Dr. Lynne Simpson’s Work Appears in Recent Book Called The Power of Death

Dr. Lynne Simpson’s Work Appears in Recent Book Called The Power of Death

LYNNEProponents of grief studies take note: Dr. Lynne Simpson is in the building, and she has a lot to say. Dr. Simpson is a professor of English at Presbyterian College who has led students through courses on Shakespeare, women’s and British literature for nearly twenty years. While remaining a well-respected figure of the PC community for a number of reasons, she’s most recently notable for the publication of one of her essays as a chapter in a book called The Power of Death. Her chapter grew out of a paper she presented at​ “The Carnival of Death: Perceptions of Death in Europe and the Americas” interdisciplinary conference at the University of London’s School of Advanced Study in February of 2011.The piece examines Sigmund Freud’s views on death and grieving and draws from his seminal article Mourning and Melancholia.

Aside from being a brave examination of the cultural consequences of grief and mourning, Dr. Simpson’s research interest began as method of coping with the loss of her mother to breast cancer. This life event subsequently influenced the entire shape of her research. The theme of mourning was also the driving force behind her dissertation which was on the topic of grief and mourning in Shakespeare. In view of her recent work Simpson shares that “This is really a look at Freud’s impact on the entire 20th century and how scientists, cultural critics and therapists have come to terms with dealing with loss.”

One thing that impressed and motivated Dr. Simpson was how Freud recognized the issues of grieving and explored its pathology. He sought to answer the question of how such an inescapable part of the human experience as mourning could make a perfectly healthy person so terribly ill. “[An] interesting thing that I’ve learned is that sometimes grief slides into clinical depression, and it’s hard even to diagnose the difference between [that and] what we would call normal grief.” Interestingly, after submitting her essay, she forgot about it and stumbled upon the news of its publication quite by accident. She recalls how one day she was perusing a book catalogue and was delightfully surprised to find the very book that contained her chapter listed there on the page.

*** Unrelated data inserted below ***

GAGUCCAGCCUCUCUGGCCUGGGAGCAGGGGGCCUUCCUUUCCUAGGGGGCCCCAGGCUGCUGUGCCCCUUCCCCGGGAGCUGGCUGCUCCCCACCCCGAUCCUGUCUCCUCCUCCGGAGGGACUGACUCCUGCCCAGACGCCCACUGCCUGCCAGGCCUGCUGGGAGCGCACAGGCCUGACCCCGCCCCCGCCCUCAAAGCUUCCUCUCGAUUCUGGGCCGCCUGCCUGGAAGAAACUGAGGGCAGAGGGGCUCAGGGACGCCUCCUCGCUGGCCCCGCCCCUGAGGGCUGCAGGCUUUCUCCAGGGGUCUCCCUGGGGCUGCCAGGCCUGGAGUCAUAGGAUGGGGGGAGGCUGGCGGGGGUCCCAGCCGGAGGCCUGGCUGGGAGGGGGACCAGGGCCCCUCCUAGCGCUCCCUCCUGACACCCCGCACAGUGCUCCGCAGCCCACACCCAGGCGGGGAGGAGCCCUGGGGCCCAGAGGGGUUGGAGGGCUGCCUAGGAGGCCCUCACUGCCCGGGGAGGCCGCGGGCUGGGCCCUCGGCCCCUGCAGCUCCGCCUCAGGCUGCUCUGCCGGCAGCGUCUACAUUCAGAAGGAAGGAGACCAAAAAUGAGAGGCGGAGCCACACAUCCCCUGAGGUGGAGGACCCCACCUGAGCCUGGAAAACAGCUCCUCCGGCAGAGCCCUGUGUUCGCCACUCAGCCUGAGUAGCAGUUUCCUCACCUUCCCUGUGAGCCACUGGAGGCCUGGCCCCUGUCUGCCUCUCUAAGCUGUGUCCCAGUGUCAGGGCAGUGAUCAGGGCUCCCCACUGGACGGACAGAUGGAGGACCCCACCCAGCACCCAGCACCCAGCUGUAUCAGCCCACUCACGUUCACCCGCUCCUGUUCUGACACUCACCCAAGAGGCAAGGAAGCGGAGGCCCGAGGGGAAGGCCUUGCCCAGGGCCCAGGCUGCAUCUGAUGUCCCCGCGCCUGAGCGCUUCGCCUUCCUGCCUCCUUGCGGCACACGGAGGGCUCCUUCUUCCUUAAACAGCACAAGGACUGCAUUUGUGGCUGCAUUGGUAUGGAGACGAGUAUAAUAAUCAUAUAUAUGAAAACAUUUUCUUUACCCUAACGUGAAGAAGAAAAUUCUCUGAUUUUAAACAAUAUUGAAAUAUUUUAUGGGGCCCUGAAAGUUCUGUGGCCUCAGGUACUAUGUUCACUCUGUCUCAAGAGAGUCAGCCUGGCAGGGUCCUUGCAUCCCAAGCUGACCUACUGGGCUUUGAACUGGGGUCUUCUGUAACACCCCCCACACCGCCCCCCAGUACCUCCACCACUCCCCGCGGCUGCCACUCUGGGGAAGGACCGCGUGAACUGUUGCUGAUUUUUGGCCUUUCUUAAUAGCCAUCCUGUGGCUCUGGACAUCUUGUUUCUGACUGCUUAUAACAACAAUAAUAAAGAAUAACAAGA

Another recent happening her being elected 2nd vice president of the College English Association. This honor leaves her the responsibility of planning the entire national conference of the association in the near future. “It’s an organization I really love” she says, and she appreciates the both daunting and exciting nature of the opportunity. Since 1938, the College English Association has been a vibrant, growing professional organization of scholar-teachers who regard teaching college students, undergraduate and graduate, as the proper focus of the profession (CEA website).​

Never one to rest on her laurels, later this year Dr. Simpson will continue her quest to inspire the masses by leading a Maymester to Germany where she and her students will “read” castles as texts.